By the time the movie went before the cameras, Sir Alfred Hitchcock had dropped more than one hundred fifty pounds, and was at perhaps the happiest stage of his life and career. "I was feeling very creative", he later told François Truffaut. "The batteries were well-charged." See more »

Goofs

While Raymond Burr is looking through his wife's purse, studio lights are visible in his glasses. See more »

Quotes

[first lines]
Voice on radio: Men, are you over 40? When you wake up in the morning, do you feel tired and rundown? Do you have that listless feeling...
[the camera pans around the courtyard; cut to later in the day]
Jeff: [answering phone] Jefferies.
Jeff's Editor: Congratulations, Jeff!
Jeff: For what?
Jeff's Editor: For getting rid of that cast!
Jeff: Who said I was getting rid of it?
Jeff's Editor: This is Wednesday; seven weeks from the day you broke your leg. Yes or no?
Jeff: Gunnison, how did you ever get to be such a big editor with such a small memory?
[...]
See more »

Alternate Versions

In addition to the aforementioned "dream sequences", in 1986 Universal also padded the running time by slowing down the action during the main titles. The shades rolled-up so slowly that there was time to play the main title music twice. See more »

Connections

Referenced in Cruising (1980) See more »

Soundtracks

Balettmusik, nr 2, G-dur.
Composed by Franz Schubert
[from "Rosamunde, Princess of Cyprus", a play by Helmina von Chézy]
See more »

Frequently Asked Questions

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User Reviews

 
The Master In Control
8 April 2001 | by telegonusSee all my reviews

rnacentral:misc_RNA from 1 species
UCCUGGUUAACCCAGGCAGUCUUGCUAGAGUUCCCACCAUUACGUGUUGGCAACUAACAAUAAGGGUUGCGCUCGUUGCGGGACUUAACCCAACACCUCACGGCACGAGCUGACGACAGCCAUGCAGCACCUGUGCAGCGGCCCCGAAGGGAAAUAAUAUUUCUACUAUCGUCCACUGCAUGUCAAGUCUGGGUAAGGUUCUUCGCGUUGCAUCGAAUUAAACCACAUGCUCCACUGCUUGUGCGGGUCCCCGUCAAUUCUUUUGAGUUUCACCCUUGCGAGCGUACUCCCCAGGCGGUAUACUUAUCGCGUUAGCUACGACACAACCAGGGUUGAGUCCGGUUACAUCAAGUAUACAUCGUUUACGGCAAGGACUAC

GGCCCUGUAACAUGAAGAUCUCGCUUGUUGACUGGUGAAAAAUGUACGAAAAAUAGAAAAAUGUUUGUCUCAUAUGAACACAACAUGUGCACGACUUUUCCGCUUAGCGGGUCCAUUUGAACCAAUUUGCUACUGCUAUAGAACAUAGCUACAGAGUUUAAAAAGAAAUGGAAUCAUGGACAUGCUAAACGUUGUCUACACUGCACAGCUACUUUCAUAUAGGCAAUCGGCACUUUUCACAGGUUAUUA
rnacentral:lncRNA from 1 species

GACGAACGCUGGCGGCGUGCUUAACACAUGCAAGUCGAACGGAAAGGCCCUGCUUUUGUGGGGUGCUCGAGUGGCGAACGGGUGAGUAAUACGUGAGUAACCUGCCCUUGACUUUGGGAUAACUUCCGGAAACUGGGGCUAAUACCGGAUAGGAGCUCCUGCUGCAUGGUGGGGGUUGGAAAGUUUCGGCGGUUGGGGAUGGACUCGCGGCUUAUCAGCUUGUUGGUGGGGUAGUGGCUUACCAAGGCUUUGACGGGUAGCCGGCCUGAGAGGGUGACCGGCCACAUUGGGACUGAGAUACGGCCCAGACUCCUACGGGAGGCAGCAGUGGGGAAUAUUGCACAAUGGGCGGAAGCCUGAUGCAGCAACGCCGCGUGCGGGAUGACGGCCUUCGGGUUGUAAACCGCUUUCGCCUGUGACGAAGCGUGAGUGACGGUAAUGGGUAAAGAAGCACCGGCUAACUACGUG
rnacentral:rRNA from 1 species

Alfred Hitchcock's Rear Window, wittily written by John Michael Hayes, is one of his many films I think of as much of a technical exercise as anything else. It is in this sense like his silent The Lodger, the static, confined Lifeboat, and the cut-less, one set Rope. Considered in this light it is a cold masterpiece, playing more with the audience's thoughts and fears than with its softer, more personal emotions. As such, it is a very cerebral and satisfying piece of work. The plot is deceptively simple: a photographer (James Stewart) is stuck indoors with his leg in a cast during a hot New York summer. His socialite girl-friend (Grace Kelly) is eager to marry him but Stewart has his doubts, since he lives a wandering life and is from a different social class. He spends most of his time idling about and playing with his camera. In time he becomes a voyeur (which he probably already is, to a degree) and begins to observe his neighbors' private lives, as he views them through his lens in the courtyard. He develops attitudes toward each of them, ranging from mild amusement to empathy to sexual interest, depending on who he's looking at. Without realizing it he is really looking at different aspects of either himself or his relationship with Kelly. The courtyard is a kind of mirror of his soul. These people and their predicaments represent different sides of his (and to a lesser extent Miss Kelly's) personality, offering glimpses of potential past, present and future selves; and it is not always a flattering picture. The newlyweds are continually having sex; Miss Torso is a beautiful young woman who entertains many suitors; there is a childless, somewhat pathetic-seeming middle-aged couple who dote over a pet dog; Miss Lonelyhearts is a depressed, aging spinster with no apparent friends; and the young, bachelor song-writer, when he isn't trying to compose songs, is either throwing parties or fits. Then there are the Thorwalds, a squabbling couple across the way. Stewart is at first only slightly interested in them until Mrs. Thorwald disappears and her husband starts going out at night carrying paper parcels that look like they came from a butcher shop. Soon Stewart is, understandably, suspicious. He convinces Kelly that something is amiss, but has trouble with his detective friend. His nurse Stella agrees that something is wrong across the courtyard, and the threesome become amateur detectives. Rear Window is great fun. It's a thriller, a romance, a mystery, and at times a comedy of manners. The actors all give superb, unflashy performances. Hitchcock had been making movies for three decades by the time he undertook this one, and he knew exactly what he was doing; everything happens as it should, on time, with no fuss or bother. The courtyard set is magnificently designed and photographed; it looks both artificial and realistic, and seems almost to change at times, as circumstances dictate. This is, after Dial M For Murder, Hitchcock's first truly 'fifties' film, which is to say it is a far cry from the genteel romances and spy stuff he'd been doing before. There's less use of atmosphere here, as a new, more independent director was emerging, decidedly post-Selznick, often using color. Hitchcock is playing a sort game of cinematic chess, moving people and things around here and there, changing camera angles slyly, never showing his hand. The film lacks only warmth. All sorts of learned books and articles have been written about this picture, some of them quite silly; all at least partly right. This is at times a profound film, but it also aims to entertain, it has a light touch, and it can be scary, it's romantic about couples and cynical about people. There's a little bit of everything in it,--it's a work of art.